At Kachina, the chiles pack heat -- but they can also be sweet

With a knack for the nuances of wine, sommeliers can taste caramel and a hint of peach when all the rest of us can do is sniff out oak. Oenophiles aren't the only super tasters around, though. Work with chiles long enough, as Patrick Hartnett has, and you learn to detect flavors far beyond mild, medium and hot.

See also: -Kachina promises a magical trip through the Southwest, but the journey isn't finished - Slide Show: Behind the scenes at Kachina - Chef and Tell: Patrick Harnett, exec chef of Kachina, on chiles, chiles and more chiles

Anchos, the dried poblano chiles prized in Mexican mole, might be called slightly sweet by the average Joe, but Hartnett finds flavors ranging from coffee, licorice and tobacco to dried plum and raisin. In his role as executive chef at Kachina, the southwestern restaurant in Westminster that I review this week, Hartnett uses anchos powdered and pureed, but it's when they're served whole and stuffed with squash that you have the best chance of discerning these more subtle flavors.

Good luck pinpointing the chile used in his quail and waffles. Despite its ubiquity on billboards, you'd have to log as many hours in Southwestern kitchens as Hartnett has to know the dish's smokiness comes from smoked jalapenos (aka chipotles) in agave-honey syrup. When dried, chipotles have a "rich, almost sweet and chocolate tone with some tobacco notes," he says, whereas in canned adobo sauce they have a "more vinegary, tomato flavor."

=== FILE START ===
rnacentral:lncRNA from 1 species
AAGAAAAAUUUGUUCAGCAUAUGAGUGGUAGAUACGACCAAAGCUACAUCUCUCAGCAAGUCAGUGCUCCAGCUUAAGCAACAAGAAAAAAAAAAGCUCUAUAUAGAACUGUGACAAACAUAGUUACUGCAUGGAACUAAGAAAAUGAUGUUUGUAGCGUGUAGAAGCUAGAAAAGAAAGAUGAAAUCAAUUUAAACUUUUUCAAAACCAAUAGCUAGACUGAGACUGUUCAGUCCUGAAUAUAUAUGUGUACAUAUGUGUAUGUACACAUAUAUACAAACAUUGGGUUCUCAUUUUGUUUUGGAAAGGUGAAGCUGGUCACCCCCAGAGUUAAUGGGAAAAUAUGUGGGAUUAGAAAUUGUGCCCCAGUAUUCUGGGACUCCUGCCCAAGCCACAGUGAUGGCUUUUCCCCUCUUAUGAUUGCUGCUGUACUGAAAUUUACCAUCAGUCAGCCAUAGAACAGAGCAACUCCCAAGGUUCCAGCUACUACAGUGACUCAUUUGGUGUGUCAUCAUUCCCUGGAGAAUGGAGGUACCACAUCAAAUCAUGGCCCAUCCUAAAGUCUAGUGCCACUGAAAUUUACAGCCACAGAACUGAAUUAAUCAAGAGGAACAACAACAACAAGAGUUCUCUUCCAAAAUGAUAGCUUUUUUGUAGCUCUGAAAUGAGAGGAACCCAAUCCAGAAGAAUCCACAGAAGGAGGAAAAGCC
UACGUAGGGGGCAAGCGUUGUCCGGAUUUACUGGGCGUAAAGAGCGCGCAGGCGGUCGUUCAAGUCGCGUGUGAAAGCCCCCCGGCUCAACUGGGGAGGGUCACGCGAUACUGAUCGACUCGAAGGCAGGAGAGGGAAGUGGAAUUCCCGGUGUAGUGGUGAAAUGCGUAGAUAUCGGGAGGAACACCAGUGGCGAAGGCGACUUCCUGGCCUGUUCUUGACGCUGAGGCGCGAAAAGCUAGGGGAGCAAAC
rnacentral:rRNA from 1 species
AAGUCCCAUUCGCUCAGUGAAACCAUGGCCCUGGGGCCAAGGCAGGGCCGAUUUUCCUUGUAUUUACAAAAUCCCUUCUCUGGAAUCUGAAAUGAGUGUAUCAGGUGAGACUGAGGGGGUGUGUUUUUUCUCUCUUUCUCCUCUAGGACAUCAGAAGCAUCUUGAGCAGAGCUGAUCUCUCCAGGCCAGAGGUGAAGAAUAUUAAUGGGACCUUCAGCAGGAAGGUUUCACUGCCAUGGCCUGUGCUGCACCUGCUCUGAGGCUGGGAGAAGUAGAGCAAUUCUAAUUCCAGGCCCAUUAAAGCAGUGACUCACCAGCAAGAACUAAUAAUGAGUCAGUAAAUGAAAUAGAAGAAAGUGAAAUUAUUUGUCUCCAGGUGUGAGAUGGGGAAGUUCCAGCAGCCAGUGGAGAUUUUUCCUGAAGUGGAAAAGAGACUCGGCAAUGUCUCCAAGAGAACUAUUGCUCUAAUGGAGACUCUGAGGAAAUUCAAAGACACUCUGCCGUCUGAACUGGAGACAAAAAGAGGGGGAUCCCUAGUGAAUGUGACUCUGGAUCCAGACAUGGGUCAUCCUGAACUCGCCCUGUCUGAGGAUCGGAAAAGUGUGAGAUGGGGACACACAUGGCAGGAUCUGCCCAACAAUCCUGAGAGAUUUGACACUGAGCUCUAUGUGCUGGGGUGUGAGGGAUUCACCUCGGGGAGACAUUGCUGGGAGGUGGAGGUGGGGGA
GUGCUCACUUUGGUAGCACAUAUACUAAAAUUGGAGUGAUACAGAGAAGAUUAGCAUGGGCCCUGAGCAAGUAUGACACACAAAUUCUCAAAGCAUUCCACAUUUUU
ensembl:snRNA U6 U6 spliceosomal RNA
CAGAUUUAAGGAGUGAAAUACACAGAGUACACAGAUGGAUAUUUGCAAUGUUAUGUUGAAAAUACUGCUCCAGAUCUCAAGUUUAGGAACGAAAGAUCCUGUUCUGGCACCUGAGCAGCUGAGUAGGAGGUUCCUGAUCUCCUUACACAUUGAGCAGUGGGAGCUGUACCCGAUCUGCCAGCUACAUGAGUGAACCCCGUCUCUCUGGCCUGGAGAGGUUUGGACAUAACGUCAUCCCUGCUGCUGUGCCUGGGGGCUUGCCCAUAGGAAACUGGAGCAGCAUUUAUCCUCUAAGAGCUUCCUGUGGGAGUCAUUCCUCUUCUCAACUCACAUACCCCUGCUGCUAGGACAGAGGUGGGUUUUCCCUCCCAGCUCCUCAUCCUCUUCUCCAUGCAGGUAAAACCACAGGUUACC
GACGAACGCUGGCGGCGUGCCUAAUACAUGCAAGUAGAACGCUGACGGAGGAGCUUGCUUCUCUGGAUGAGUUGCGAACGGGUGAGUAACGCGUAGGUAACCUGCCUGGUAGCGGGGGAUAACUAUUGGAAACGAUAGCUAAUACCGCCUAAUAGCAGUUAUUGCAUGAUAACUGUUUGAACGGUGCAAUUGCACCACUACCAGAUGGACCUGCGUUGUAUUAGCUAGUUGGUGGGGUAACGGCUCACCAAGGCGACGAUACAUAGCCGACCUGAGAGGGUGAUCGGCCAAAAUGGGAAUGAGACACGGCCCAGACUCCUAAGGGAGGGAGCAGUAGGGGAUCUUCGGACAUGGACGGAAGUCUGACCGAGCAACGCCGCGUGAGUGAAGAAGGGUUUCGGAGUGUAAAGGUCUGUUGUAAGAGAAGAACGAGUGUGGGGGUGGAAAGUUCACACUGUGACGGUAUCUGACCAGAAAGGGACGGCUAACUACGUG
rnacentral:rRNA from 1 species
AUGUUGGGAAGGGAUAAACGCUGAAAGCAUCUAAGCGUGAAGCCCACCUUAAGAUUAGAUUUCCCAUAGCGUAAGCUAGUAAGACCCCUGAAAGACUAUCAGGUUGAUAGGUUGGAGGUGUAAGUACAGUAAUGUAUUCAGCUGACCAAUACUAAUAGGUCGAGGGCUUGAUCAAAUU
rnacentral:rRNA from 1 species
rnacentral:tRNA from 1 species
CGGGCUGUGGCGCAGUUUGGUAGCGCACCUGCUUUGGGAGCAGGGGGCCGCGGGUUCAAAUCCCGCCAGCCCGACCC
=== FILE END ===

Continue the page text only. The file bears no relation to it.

But these chiles can pack some heat, so unless you know what you're doing, you might want to stick with maple syrup next time you make Sunday breakfast.


KEEP WESTWORD FREE... Since we started Westword, it has been defined as the free, independent voice of Denver, and we'd like to keep it that way. With local media under siege, it's more important than ever for us to rally support behind funding our local journalism. You can help by participating in our "I Support" program, allowing us to keep offering readers access to our incisive coverage of local news, food and culture with no paywalls.
Gretchen Kurtz has worked as a writer for 25 years; during that time she's stomped grapes in Napa, eaten b'stilla in Fez, and baked with Buddy Valastro, aka the Cake Boss. Her work has appeared in publications including Boulevard (Paris), Diversion, the New York Times and Westword. Our restaurant critic since 2012, she loves helping you decide where to eat and drink tonight.
Contact: Gretchen Kurtz